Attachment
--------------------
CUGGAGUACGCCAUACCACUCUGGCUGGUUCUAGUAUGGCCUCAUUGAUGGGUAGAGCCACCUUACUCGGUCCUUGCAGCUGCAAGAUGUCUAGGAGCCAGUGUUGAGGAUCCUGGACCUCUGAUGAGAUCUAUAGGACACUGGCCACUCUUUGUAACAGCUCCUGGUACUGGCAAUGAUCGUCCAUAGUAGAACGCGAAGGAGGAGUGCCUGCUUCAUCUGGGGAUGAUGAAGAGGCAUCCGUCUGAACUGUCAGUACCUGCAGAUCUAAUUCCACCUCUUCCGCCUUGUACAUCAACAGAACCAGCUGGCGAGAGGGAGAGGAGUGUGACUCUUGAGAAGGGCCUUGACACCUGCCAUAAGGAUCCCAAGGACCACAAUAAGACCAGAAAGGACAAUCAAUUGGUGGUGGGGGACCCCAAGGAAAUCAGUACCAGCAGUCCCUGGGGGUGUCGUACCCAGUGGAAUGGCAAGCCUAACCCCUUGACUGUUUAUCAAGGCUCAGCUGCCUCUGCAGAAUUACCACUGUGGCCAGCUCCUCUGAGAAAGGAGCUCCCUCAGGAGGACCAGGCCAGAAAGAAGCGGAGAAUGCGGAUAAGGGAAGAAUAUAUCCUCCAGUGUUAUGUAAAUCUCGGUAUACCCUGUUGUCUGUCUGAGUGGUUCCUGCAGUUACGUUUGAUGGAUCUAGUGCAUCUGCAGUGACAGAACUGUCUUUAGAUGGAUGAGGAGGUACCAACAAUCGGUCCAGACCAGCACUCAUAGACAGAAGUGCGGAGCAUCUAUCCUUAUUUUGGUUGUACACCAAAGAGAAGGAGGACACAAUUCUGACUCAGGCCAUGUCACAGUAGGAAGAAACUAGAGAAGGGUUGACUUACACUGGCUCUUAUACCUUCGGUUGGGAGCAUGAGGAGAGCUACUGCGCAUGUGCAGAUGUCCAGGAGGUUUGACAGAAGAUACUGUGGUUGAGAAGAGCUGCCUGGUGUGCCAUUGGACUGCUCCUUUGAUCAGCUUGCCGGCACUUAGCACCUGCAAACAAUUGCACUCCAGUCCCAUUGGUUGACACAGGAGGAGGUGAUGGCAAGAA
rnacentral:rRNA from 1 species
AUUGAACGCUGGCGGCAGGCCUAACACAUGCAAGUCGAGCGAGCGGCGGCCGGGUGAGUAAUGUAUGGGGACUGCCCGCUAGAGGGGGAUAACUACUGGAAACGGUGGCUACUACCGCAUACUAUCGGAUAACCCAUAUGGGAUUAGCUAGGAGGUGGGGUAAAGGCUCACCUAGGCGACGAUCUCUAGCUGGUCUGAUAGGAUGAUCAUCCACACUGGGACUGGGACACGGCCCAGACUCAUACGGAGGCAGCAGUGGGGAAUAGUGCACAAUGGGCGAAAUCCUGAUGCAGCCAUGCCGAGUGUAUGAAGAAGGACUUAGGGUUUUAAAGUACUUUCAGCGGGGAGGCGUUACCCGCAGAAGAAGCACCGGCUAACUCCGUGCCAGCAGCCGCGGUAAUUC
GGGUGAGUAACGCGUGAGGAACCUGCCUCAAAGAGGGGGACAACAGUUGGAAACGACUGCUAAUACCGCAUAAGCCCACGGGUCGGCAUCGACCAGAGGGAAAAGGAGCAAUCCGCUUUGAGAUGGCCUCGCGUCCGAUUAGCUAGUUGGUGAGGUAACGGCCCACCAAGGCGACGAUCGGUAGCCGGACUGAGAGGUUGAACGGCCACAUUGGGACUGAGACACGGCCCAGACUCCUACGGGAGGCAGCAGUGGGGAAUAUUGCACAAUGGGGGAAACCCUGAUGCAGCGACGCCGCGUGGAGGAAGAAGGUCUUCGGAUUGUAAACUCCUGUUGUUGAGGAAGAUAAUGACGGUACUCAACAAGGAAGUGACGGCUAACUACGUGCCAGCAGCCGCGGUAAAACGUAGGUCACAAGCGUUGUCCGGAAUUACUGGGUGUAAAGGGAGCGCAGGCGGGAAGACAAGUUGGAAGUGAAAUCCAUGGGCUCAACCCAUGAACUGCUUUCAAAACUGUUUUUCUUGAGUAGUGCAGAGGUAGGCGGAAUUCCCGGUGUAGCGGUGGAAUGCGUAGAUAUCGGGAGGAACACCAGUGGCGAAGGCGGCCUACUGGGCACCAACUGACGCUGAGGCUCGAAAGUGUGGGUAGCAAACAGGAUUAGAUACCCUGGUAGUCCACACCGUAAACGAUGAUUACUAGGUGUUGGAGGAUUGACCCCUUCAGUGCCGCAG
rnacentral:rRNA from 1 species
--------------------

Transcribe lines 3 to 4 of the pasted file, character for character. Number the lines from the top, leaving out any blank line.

AUUGAACGCUGGCGGCAGGCCUAACACAUGCAAGUCGAGCGAGCGGCGGCCGGGUGAGUAAUGUAUGGGGACUGCCCGCUAGAGGGGGAUAACUACUGGAAACGGUGGCUACUACCGCAUACUAUCGGAUAACCCAUAUGGGAUUAGCUAGGAGGUGGGGUAAAGGCUCACCUAGGCGACGAUCUCUAGCUGGUCUGAUAGGAUGAUCAUCCACACUGGGACUGGGACACGGCCCAGACUCAUACGGAGGCAGCAGUGGGGAAUAGUGCACAAUGGGCGAAAUCCUGAUGCAGCCAUGCCGAGUGUAUGAAGAAGGACUUAGGGUUUUAAAGUACUUUCAGCGGGGAGGCGUUACCCGCAGAAGAAGCACCGGCUAACUCCGUGCCAGCAGCCGCGGUAAUUC
GGGUGAGUAACGCGUGAGGAACCUGCCUCAAAGAGGGGGACAACAGUUGGAAACGACUGCUAAUACCGCAUAAGCCCACGGGUCGGCAUCGACCAGAGGGAAAAGGAGCAAUCCGCUUUGAGAUGGCCUCGCGUCCGAUUAGCUAGUUGGUGAGGUAACGGCCCACCAAGGCGACGAUCGGUAGCCGGACUGAGAGGUUGAACGGCCACAUUGGGACUGAGACACGGCCCAGACUCCUACGGGAGGCAGCAGUGGGGAAUAUUGCACAAUGGGGGAAACCCUGAUGCAGCGACGCCGCGUGGAGGAAGAAGGUCUUCGGAUUGUAAACUCCUGUUGUUGAGGAAGAUAAUGACGGUACUCAACAAGGAAGUGACGGCUAACUACGUGCCAGCAGCCGCGGUAAAACGUAGGUCACAAGCGUUGUCCGGAAUUACUGGGUGUAAAGGGAGCGCAGGCGGGAAGACAAGUUGGAAGUGAAAUCCAUGGGCUCAACCCAUGAACUGCUUUCAAAACUGUUUUUCUUGAGUAGUGCAGAGGUAGGCGGAAUUCCCGGUGUAGCGGUGGAAUGCGUAGAUAUCGGGAGGAACACCAGUGGCGAAGGCGGCCUACUGGGCACCAACUGACGCUGAGGCUCGAAAGUGUGGGUAGCAAACAGGAUUAGAUACCCUGGUAGUCCACACCGUAAACGAUGAUUACUAGGUGUUGGAGGAUUGACCCCUUCAGUGCCGCAG